The steering group will review all ideas and combine or modify them as appropriate.

“We are going into this with an open mind,” Pierce told Healio. “We do not have any preconceived ideas of what will be successful and what won’t, so no idea will be dismissed.”

The RFI component of the initiative will be open through Aug. 24.

Pierce and Oyer will review ideas with steering group members this fall, decide by the end of this year which ideas they want to carry forward, and then begin implementation in early 2021.

Some of the strategies selected for implementation may be evaluated in ASCO’s TAPUR study, a nonrandomized trial designed to evaluate the efficacy and safety of FDA-approved, targeted cancer therapies for patients with advanced cancer who harbor potentially actionable genomic alterations.


Individuals whose ideas are chosen to move forward will have the opportunity to participate in their implementation.

A toolkit for success

Pierce and Oyer acknowledged variations in communities across the country — as well as the challenges they must overcome — make it unlikely that one-size-fits-all strategies will emerge from this effort.

Consequently, their goal is to provide a toolkit to help providers overcome the barriers most prevalent in their communities, whether they be related to assessment, training, education or communication.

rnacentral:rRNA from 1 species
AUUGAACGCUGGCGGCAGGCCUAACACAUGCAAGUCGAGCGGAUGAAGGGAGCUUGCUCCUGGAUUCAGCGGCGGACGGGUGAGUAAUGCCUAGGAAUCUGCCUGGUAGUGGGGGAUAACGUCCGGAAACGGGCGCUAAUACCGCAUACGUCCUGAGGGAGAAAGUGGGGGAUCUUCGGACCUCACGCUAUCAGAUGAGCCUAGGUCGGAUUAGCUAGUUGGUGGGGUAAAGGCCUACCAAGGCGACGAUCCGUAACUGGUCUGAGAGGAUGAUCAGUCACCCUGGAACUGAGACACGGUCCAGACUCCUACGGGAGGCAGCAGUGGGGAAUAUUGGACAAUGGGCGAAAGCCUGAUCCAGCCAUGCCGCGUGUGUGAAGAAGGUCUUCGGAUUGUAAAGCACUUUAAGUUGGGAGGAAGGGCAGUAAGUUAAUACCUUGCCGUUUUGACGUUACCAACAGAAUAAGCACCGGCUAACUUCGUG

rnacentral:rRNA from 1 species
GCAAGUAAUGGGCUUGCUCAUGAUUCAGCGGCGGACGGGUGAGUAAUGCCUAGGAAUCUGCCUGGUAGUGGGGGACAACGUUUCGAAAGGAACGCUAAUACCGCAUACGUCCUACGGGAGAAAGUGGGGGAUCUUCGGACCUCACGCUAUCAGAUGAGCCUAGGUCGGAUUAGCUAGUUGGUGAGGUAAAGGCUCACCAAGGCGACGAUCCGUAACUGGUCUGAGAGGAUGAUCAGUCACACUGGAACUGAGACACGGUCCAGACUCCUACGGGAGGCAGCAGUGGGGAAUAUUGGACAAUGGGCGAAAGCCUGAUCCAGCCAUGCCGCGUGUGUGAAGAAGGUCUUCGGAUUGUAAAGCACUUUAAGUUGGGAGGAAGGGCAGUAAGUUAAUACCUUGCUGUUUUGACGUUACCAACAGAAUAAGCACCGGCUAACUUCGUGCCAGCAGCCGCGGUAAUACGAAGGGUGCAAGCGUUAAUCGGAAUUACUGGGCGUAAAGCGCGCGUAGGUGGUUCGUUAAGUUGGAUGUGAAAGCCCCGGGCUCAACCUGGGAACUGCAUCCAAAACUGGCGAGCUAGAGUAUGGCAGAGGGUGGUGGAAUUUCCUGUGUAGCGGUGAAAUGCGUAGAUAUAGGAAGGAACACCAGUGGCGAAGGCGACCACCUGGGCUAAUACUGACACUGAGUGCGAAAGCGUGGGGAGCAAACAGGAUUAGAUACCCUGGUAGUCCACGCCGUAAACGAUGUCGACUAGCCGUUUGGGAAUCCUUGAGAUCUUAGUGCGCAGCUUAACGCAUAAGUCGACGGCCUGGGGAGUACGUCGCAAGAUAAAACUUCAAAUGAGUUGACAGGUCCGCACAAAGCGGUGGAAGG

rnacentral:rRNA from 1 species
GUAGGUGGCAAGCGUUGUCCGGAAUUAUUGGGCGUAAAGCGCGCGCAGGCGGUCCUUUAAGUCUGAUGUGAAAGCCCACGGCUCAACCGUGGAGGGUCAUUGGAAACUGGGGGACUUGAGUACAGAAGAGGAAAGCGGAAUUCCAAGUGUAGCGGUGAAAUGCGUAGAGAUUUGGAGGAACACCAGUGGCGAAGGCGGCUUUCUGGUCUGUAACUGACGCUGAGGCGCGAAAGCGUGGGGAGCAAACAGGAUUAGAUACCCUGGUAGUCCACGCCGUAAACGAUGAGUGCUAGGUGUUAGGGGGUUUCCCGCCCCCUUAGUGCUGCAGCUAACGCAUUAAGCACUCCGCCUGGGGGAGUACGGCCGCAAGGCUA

“It’s also very important that we identify the level at which we need to make the intervention, whether it be the patient, physician, program or community level,” Oyer said. “One intervention alone won’t be enough. We’re really going to need to change the whole ecosystem.”

Although the initiative is designed to increase clinical trial enrollment among traditionally underrepresented populations, retention of those patients on study will be a key measure of success, Pierce said.

The development of structural and policy changes that make this effort sustainable also is crucial, Oyer said.

“We want this to continue beyond an initial effort that involves a small group of really enthusiastic people,” he said. “We want this to become part of our DNA.

“Cancer care in this country is very good but it can always be better,” Oyer added. “We have made so many strides in cancer research, yet not all Americans have benefited equally. Until that happens, I don’t think we’re there yet.”


For more information:

Lori J. Pierce, MD, FASTRO, FASCO, can be reached at ljpierce@umich.edu.

Randall A. Oyer, MD, can be reached at randall.oyer@pennmedicine.upenn.edu.